For most women, understanding what diatasis recti is and how it can affect you will never be an issue. However, for the 30% of women that will suffer from this condition, it is very important to have an appreciation of what is happening and how you can stop it from becoming a bigger issue.
Despite this being a common condition in pregnant and postpartum women, some people may suffer from it and never even know. There is a simple self-test that can help show you if the right and left halves of your rectus abdominis muscle have spread apart at the bodys midline fascia, the linea alba.
In layman’s terms, the line that splits your 6 pack is being pulled apart, and is no longer connected. This can occur as early as 16 weeks of pregnancy, and in some cases separations of over 4 fingers (6cm) in width can appear. This condition happens because of widening and thinning of the midline tissue in response to the force of the uterus pushing against the abdominal wall, in conjunction with pregnancy hormones that soften connective tissue.
A small widening of the midline happens in all pregnancies and is normal, although anything over 1 finger (1.5cm) needs to be addressed postpartum. If the connective tissue does not reconnect within a year of giving birth then it is unlikely to ever reform. This can result in back pain, herniation, and weak core muscles, with the only solution being surgery.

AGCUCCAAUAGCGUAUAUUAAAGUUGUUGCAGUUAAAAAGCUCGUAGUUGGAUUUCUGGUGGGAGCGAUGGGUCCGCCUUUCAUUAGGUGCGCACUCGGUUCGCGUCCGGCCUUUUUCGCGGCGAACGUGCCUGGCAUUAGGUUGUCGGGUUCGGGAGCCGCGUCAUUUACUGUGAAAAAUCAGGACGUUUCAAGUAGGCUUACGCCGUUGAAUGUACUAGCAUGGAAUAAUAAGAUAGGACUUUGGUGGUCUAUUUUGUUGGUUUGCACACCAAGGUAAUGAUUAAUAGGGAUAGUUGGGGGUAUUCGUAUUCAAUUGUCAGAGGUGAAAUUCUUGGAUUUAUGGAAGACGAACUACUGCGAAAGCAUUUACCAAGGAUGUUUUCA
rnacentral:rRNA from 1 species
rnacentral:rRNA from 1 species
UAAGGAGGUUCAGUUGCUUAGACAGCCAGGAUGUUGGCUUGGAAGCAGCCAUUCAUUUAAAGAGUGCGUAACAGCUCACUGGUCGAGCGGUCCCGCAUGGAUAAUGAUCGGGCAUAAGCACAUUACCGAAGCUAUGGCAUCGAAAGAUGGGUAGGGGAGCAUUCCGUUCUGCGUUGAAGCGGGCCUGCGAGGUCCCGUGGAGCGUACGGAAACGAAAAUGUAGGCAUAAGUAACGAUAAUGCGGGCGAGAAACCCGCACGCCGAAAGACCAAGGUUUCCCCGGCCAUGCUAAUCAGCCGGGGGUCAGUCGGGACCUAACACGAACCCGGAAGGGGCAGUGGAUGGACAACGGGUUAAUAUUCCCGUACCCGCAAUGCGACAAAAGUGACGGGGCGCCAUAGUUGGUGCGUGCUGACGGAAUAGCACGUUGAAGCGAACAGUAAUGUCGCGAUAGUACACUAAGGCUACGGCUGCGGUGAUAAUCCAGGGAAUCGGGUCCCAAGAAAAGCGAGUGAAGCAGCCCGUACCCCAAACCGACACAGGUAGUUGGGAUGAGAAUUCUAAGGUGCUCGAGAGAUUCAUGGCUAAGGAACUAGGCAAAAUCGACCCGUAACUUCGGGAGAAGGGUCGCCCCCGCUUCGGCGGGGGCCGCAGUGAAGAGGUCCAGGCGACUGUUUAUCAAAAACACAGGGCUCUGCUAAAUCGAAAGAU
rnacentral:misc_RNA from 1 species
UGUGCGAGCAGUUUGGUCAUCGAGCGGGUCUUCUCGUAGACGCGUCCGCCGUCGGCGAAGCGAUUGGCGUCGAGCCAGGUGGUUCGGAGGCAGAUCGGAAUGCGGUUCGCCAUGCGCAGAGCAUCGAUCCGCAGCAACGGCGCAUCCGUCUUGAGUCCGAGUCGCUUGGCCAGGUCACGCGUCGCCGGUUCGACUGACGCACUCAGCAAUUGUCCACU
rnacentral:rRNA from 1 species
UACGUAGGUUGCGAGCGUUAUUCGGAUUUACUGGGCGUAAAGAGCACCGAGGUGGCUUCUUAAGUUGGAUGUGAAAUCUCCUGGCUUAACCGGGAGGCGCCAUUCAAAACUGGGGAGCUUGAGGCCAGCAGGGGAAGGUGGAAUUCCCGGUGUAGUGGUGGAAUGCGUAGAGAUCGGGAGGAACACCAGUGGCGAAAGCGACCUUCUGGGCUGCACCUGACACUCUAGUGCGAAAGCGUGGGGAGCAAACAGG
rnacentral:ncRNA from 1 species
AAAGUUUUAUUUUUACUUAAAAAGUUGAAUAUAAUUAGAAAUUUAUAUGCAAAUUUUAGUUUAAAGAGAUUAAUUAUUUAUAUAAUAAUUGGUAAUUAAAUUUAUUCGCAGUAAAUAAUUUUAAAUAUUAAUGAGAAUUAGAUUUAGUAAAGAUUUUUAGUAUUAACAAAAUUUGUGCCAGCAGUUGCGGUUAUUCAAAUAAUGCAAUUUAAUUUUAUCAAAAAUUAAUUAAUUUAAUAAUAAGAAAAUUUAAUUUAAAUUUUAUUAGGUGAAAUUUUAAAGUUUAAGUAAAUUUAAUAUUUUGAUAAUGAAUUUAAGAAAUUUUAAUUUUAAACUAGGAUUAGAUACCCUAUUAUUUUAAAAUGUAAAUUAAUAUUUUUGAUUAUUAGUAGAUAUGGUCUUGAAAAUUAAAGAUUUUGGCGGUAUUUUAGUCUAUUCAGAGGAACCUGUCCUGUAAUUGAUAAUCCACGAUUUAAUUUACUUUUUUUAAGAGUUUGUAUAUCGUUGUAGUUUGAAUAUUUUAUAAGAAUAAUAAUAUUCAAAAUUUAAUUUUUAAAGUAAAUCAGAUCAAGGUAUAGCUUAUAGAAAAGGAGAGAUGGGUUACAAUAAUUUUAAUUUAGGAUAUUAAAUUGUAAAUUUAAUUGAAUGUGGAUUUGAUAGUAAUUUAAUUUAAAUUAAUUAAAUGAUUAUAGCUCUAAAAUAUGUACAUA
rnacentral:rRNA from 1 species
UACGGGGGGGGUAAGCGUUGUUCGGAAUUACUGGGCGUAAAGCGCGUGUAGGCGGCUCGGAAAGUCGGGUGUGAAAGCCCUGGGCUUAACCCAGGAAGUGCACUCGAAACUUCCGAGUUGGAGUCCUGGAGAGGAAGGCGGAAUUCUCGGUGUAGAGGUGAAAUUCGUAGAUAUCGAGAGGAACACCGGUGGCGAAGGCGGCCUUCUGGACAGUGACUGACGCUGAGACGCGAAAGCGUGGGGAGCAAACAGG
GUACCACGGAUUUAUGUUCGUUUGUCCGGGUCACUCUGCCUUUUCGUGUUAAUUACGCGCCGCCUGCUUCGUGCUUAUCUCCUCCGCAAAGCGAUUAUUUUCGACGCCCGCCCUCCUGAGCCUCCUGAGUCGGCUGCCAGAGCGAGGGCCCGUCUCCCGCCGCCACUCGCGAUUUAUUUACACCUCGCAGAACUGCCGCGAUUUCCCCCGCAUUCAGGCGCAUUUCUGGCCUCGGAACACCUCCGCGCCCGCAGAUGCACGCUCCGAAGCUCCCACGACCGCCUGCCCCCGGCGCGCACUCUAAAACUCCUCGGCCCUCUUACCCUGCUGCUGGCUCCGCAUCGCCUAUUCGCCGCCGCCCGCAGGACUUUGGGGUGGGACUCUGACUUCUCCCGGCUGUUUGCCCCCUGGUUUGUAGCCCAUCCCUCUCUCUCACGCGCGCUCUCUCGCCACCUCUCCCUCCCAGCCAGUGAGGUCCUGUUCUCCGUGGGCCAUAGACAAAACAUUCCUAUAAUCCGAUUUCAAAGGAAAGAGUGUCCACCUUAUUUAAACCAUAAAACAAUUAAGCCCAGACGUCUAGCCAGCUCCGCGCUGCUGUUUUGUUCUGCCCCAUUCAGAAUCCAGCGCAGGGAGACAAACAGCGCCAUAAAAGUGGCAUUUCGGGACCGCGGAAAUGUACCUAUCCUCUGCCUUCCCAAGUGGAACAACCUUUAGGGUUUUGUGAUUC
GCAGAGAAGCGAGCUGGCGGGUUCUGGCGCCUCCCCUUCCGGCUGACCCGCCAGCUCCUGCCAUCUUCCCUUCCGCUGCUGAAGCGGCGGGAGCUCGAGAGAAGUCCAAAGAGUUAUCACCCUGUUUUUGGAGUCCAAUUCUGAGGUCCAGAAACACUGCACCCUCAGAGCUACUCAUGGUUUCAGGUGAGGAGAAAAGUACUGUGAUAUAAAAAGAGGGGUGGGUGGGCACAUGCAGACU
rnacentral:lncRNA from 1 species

It is important that you test yourself during and after pregnancy, and if you detect that your abdominals are splitting, consult with your health practitioner and seek help from a pre/post pregnancy exercise professional. They can show you exercises that will help bring back the separation and strengthen your core muscles.
Below is an example of the self-test. Please give it a go, and good luck.
This simple self-test will help you determine if you have diastasis recti:
1. Lie on your back with one knee bent, and your other leg straight out on the floor.
2. Place one hand behind your head, and the other hand on your abdomen, with your fingertips across your midline-parallel with your waistline at the level of your belly button.
3. With your abdominal wall relaxed, gently press your fingertips into your abdomen.
4. Roll your upper body off the floor into a “crunch”, making sure that your ribcage moves closer to your pelvis.
5. Move your fingertips back and forth across your midline, feeling for the right and left sides of your rectus abdominis muscle. Test for separation at, above, and below your belly button.
For further information on diastasis recti or other exercise related conditions, visit: www.limitlesshealth.com.au